Pandemics plunge families into food poverty in the world’s rich economy

Due to last year’s pandemic, Mariasunta Sessia and her husband Rodolfo quit their jobs, but they struggled to pay for food, rent and bills.

“It didn’t take long for all the money to run out,” said 36-year-old Seccia, who worked as a cleaner at a hotel in Milan while her husband was selling fruit at a stall. “When our kids opened the fridge and couldn’t even find a bottle of water … it was very shocking to them. They have ever experienced hunger in their lives. I’ve never done it. “

The sexuals are not the only ones who have struggled in the wealthy countries of the developed world. According to recently released figures, the number of people hungry for the first time has increased across Europe and North America since the United Nations began collecting data in 2014. By 2020, nearly 9% of people had moderate or severe food insecurity, compared to 7.7% in the previous year.

The numbers are dwarfed by the level of the non-wealthy economy. Almost one-third of the world’s population did not have adequate nutrition in 2020. According to the United Nations.. And unlike poor countries that lack government protection, most developed countries have state-sponsored welfare safety nets.

Nonetheless, many vulnerable people in developed countries have been hit hard by the economic impact of Covid-19, said Arifhusain, chief economist at the United Nations World Food Program.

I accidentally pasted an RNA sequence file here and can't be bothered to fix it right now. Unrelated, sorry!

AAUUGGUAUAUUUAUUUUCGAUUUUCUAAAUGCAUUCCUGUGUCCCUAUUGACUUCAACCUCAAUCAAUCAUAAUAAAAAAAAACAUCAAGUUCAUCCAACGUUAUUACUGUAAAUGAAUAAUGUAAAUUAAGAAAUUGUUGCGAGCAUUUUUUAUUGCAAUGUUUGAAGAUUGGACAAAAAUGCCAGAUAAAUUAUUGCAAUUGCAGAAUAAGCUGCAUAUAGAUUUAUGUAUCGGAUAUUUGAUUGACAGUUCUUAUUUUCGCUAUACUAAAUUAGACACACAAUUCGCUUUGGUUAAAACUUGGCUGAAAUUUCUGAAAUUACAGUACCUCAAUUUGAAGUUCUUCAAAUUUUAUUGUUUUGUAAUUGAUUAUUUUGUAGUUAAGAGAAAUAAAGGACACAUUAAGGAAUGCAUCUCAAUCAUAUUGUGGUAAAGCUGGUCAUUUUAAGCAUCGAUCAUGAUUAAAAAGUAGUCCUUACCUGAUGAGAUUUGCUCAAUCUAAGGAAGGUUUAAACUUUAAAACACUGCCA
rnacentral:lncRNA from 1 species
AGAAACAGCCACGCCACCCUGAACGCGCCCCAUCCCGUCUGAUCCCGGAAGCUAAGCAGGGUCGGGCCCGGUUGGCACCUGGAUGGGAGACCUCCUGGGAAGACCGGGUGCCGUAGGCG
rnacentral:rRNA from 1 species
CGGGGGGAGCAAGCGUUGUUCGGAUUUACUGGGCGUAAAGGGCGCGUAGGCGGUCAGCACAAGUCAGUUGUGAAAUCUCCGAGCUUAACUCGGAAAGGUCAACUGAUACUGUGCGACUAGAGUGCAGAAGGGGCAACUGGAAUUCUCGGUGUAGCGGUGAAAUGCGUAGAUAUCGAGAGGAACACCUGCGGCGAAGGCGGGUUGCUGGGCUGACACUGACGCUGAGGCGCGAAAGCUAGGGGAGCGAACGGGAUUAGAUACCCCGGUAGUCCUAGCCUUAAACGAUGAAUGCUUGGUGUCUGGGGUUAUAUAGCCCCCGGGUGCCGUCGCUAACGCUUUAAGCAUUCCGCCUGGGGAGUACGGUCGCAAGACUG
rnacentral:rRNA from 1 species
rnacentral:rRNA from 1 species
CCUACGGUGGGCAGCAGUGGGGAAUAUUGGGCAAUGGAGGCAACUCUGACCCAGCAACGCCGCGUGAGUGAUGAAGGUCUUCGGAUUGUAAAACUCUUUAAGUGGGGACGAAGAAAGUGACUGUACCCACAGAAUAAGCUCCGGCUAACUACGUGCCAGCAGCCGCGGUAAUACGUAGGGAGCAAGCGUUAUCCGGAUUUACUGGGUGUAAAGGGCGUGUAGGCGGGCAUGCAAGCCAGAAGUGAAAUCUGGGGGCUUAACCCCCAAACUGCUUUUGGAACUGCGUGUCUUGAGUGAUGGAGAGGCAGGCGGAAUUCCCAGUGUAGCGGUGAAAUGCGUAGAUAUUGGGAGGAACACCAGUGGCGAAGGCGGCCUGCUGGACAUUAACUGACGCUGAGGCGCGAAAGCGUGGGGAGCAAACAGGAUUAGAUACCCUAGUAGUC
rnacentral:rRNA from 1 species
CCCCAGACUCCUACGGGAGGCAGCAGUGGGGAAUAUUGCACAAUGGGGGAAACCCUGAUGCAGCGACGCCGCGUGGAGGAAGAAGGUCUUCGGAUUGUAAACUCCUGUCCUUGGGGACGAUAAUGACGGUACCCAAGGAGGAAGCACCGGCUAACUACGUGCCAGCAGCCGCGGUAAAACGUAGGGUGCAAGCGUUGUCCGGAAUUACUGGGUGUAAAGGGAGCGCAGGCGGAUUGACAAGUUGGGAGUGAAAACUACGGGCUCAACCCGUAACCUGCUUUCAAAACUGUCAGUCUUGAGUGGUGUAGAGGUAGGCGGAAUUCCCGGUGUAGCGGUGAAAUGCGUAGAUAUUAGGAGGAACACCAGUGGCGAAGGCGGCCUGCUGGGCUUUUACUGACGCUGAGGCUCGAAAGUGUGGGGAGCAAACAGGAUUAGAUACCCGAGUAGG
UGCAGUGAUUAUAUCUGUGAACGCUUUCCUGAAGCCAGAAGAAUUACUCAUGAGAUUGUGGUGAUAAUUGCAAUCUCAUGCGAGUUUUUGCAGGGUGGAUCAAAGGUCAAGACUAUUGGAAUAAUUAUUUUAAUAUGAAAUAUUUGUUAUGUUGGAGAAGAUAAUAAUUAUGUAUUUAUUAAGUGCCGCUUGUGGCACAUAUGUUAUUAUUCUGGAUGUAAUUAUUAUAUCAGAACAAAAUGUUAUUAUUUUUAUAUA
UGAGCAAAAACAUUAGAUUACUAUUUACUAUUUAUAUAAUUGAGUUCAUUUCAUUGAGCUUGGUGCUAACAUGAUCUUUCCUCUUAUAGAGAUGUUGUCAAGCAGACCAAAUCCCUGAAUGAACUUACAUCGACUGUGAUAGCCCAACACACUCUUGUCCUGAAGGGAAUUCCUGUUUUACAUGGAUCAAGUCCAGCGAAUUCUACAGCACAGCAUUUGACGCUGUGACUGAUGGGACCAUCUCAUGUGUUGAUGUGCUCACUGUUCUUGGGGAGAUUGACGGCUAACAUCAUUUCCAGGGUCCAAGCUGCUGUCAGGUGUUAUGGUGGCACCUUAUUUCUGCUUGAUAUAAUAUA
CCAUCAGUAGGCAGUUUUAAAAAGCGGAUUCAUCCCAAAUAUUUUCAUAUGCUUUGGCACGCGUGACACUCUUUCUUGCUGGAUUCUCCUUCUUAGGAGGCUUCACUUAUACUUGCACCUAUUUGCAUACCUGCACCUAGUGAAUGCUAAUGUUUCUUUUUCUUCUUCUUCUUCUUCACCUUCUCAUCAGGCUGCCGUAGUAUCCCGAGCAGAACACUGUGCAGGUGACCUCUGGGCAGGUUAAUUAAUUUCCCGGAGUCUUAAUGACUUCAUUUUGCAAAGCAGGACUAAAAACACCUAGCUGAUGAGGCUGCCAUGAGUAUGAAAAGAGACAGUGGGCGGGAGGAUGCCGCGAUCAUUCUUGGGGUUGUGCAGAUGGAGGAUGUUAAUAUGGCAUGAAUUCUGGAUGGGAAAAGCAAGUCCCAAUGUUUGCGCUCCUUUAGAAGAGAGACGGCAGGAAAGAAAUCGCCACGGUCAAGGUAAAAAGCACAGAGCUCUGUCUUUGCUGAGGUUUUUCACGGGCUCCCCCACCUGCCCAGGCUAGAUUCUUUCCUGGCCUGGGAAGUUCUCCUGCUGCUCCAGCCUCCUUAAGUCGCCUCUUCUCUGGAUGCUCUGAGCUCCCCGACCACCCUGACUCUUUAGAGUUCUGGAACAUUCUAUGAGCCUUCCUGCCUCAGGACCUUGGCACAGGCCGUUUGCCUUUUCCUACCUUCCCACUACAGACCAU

“Even in developed countries, there are people who are not always participating in safety net schemes. They are suffering and suffering,” he said.

These include self-employed workers and workers with temporary contracts. These workers are often not covered by insurance-based unemployment and illness allowances and work in an informal economy.

According to the National Institute of Statistics, the number of people in poverty in Italy will increase by 22% year-on-year to 5.6 million in 2020, equivalent to 1 in 10 Italians.

Mariassunta Seccia and her children faced hunger after losing their jobs in a pandemic © Albero della Vita

To address this, the role of non-governmental groups such as charities and food banks grew during the pandemic, said Lawrence Haddad, Executive Director of the Global Alliance for Nutrition Improvement.

According to the European Food Banking Federation (Feba), its members are helped The population in 2020 was about 13 million, an increase of 35% over the previous year. About 860,000 tonnes of food were distributed, up 12%, and not decreasing in 2021, said Feva Secretary-General Angela Frigo. “Food demand is still rising,” she said.

Seccia turned to the charity Albertola Vita Foundation. The foundation aims to combat poverty by providing food, care and education to those in need. “If it wasn’t for help [foundation]I don’t know where I got there, “she said.

Isabella Catapano, general director of Albero della Vita, said the charity helped more than 1,000 families in 2020, quadrupling year-on-year.